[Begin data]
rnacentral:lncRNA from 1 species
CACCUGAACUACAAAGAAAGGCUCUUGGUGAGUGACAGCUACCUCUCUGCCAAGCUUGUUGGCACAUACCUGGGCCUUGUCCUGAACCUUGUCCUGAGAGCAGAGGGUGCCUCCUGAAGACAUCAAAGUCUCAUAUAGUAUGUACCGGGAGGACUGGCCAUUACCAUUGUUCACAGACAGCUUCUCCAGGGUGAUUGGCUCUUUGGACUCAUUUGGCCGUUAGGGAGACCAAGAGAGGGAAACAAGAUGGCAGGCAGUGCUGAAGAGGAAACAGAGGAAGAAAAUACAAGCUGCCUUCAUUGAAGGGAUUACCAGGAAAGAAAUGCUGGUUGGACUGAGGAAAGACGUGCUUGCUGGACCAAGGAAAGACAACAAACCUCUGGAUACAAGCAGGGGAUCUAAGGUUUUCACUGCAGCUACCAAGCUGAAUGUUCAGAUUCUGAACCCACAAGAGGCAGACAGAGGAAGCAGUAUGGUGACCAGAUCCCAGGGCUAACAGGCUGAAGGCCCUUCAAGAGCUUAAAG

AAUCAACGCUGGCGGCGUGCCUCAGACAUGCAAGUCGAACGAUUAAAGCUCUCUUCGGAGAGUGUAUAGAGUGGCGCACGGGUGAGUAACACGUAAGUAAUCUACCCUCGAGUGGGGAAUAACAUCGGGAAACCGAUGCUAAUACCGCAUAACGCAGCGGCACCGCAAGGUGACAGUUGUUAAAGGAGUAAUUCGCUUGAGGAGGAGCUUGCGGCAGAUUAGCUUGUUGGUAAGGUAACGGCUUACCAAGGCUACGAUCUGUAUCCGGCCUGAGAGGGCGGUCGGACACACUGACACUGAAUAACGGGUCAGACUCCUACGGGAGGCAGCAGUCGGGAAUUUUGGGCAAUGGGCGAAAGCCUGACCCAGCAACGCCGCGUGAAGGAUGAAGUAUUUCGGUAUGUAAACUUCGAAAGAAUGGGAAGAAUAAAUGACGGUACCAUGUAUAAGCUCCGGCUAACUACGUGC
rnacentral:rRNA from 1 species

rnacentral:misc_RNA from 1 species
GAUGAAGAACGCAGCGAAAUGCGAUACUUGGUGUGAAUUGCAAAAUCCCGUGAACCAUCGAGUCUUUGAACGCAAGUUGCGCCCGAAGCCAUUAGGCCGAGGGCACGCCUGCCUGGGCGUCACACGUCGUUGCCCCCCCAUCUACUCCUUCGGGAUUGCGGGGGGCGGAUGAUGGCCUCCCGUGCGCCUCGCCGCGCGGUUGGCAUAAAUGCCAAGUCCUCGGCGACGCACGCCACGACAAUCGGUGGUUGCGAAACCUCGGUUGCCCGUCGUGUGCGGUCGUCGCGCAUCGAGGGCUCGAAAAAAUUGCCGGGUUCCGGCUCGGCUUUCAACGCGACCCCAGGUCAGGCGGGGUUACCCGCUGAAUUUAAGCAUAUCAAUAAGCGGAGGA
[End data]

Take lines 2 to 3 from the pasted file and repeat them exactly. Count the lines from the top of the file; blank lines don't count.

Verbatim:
CACCUGAACUACAAAGAAAGGCUCUUGGUGAGUGACAGCUACCUCUCUGCCAAGCUUGUUGGCACAUACCUGGGCCUUGUCCUGAACCUUGUCCUGAGAGCAGAGGGUGCCUCCUGAAGACAUCAAAGUCUCAUAUAGUAUGUACCGGGAGGACUGGCCAUUACCAUUGUUCACAGACAGCUUCUCCAGGGUGAUUGGCUCUUUGGACUCAUUUGGCCGUUAGGGAGACCAAGAGAGGGAAACAAGAUGGCAGGCAGUGCUGAAGAGGAAACAGAGGAAGAAAAUACAAGCUGCCUUCAUUGAAGGGAUUACCAGGAAAGAAAUGCUGGUUGGACUGAGGAAAGACGUGCUUGCUGGACCAAGGAAAGACAACAAACCUCUGGAUACAAGCAGGGGAUCUAAGGUUUUCACUGCAGCUACCAAGCUGAAUGUUCAGAUUCUGAACCCACAAGAGGCAGACAGAGGAAGCAGUAUGGUGACCAGAUCCCAGGGCUAACAGGCUGAAGGCCCUUCAAGAGCUUAAAG

AAUCAACGCUGGCGGCGUGCCUCAGACAUGCAAGUCGAACGAUUAAAGCUCUCUUCGGAGAGUGUAUAGAGUGGCGCACGGGUGAGUAACACGUAAGUAAUCUACCCUCGAGUGGGGAAUAACAUCGGGAAACCGAUGCUAAUACCGCAUAACGCAGCGGCACCGCAAGGUGACAGUUGUUAAAGGAGUAAUUCGCUUGAGGAGGAGCUUGCGGCAGAUUAGCUUGUUGGUAAGGUAACGGCUUACCAAGGCUACGAUCUGUAUCCGGCCUGAGAGGGCGGUCGGACACACUGACACUGAAUAACGGGUCAGACUCCUACGGGAGGCAGCAGUCGGGAAUUUUGGGCAAUGGGCGAAAGCCUGACCCAGCAACGCCGCGUGAAGGAUGAAGUAUUUCGGUAUGUAAACUUCGAAAGAAUGGGAAGAAUAAAUGACGGUACCAUGUAUAAGCUCCGGCUAACUACGUGC